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Danube, as origin of the first European corridors

June 16, 2012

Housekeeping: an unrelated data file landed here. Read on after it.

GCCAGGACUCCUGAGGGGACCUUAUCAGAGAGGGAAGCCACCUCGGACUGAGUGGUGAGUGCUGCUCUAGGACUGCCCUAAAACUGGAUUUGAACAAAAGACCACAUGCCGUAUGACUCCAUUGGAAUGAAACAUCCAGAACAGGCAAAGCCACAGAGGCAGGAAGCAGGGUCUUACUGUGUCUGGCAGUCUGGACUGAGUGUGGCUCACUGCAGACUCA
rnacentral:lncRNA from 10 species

At the beginning of the second century A.D., the Roman emperor Trajan, with the architect Apollodor of Damascus, finished the highway along the Danube, crossing the area Clisura, a road that Tiberius had begun, but was abandoned by Vespasian. He by-passed the cataracts barrier of the Iron Gates on the Danube, called by natives Gherdap, by building a canal with paved borders, the Fossa Traiana, on the right bank, which allowed the unification of the two military fleets: Classis Pannonica- on the upper and middle course of the Danube, and Classis Moesica- on the lower one. This could be considered as first step toward what we will hereinafter call the Black Sea – North Sea Corridor. The Roman canal, which existed until 1895, was 3200m in length and had dykes 14m high [Ionescu I. (1922), Lucrarile publice la romani sub imparatul Traian, in Buletinul Societatii Politehnice, XXXVI, 1-3]. The Roman Empire was the only one, which dominated the Danube’s entire course, and raised for the first time the idea of a link between the North Sea and the Black Sea, by connecting the Danube with the Rhine. Moreover, with these works, completed with the road that was following the right bank of the river and with the navigation canal in the Axios – Carasu Valley, from the ancient Axiopolis (Cernavoda) on the Danube to the Black Sea, near Tomis (Constantza), Trajan performed a direct link between the north area of the Adriatic Sea and the Black Sea. This  is perhaps the first European corridor, as a multimodal link (inland waterway and terrestrial). The road had two short transhipments, first between the Adriatic and Ljublianica, an effluent of the Sava, and the second in the Eastern end of Axios – Carasu Valley, which represents the forerunner of Danube – Black Sea canal that would be built two millennia later.

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